My friend Angelo engaged stealth for his initial cannabis experiment. Ongoing pressures at work ratcheted up his anxiety which also led to restless sleep. His research led him to LucidMood Relax, a discrete, disposable vape pen that he began using every evening in the garage. After a month, he took his wife Brittany on their favorite hike in the Santa Monica mountains. The summit is peaceful, with panoramic views of both the Pacific Ocean and the San Fernando Valley. Sitting cross-legged on boulders warmed by the sun, he began by asking her if she had noticed anything different about him over the last month. She replied that he seemed happier and more relaxed. Angelo took the tiny vape pen out of his pocket, and slowly recounted the process leading to this moment. He then asked her how she felt, knowing she had no cannabis experience whatsoever. Brittany picked up the pen thinking it looked harmless, even kind of cute. She set it down, looked him in the eye, and said she wanted to learn more. “If it makes you a happier, healthier person, then we need to explore it.”
Theresa, on the other hand, told me how she learned of her girlfriend’s $400 monthly adult-use cannabis spending sprees. Their relationship was already rocky and they found themselves in a dingy hotel room after a long, frustrating day of TSA lines and canceled flights. “Riley” didn’t prepare well or set the stage for Theresa who had occasionally smoked cannabis during her college days. After flopping down on the queen size bed, she blurted out her recent monthly party routine and finished by saying “This is who I am now, so take it or leave it.” Theresa chose the latter, picked up her still unpacked suitcase, and Ubered back to the airport. A word of advice; don’t be Riley.
Having an Adult Conversation About Cannabis
Honesty. Trust. Respect. Empathy. These are words to live by when discussing cannabis with your partner. First, be honest about your reasons for consuming cannabis, or, if you’re contemplating using it. Lay all your cards on the table and use facts to support your reasons, especially if you’re dealing with pain or another medical issue. Explain how cannabis helps you and others who suffer from your particular condition. Chances are that many other people do as well, so do your homework on your condition and others as well as the number of people across America who benefit from medicinal cannabis. If you’re an adult-use person who responsibly consumes cannabis, tell your partner about the positive effects it provides in your life. Second, trust your partner who loves and supports you. Give them reasons to be positive and on your side, and most definitely, try to avoid acrimony while talking about it. Ask for their trust if needed. You must respect their opinion and empathize with their position. If they react negatively, explore common ground that may make it more relatable to them. Do not be judgmental, and give them the time and space they need. If this is potentially fraught with danger, contemplate CBD-only products that do not include THC, the cannabinoid that produces the high.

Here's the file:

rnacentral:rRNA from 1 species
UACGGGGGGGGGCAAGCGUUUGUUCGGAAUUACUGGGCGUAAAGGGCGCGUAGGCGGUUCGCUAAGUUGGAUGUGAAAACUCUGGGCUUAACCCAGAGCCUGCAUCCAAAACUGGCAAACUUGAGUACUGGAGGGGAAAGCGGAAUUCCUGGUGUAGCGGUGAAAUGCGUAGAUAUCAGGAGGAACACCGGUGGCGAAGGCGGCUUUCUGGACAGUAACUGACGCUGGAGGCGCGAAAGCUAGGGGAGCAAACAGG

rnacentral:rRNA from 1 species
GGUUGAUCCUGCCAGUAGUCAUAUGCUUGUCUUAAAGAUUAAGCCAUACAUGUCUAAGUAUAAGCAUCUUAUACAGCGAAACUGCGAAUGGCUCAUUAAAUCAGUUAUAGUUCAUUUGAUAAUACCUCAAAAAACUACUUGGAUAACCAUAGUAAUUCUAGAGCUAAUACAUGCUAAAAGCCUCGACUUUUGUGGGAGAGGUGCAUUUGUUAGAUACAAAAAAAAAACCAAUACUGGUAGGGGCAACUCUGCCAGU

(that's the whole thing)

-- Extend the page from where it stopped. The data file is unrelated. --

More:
Also, consider whether you both may benefit from sharing cannabis together. This may be a completely foreign concept to your significant other but possibly worth exploring. Again, a CBD-only product is worth a look, then moving gradually to traditional cannabis. Remember, it’s completely plausible that some people may have no interest whatsoever so respect that position. On the other hand, it could lead to a new chapter together, including the mutual benefits of amorous cannabis. Talk it over.
Have you had a cannabis conversation with your non-consuming husband, wife, boyfriend or girlfriend? How did it go over? Start a conversation on our social channels, we’d love to hear about it!
Philip Rebentisch is a writer and Content Editor for Three Wells.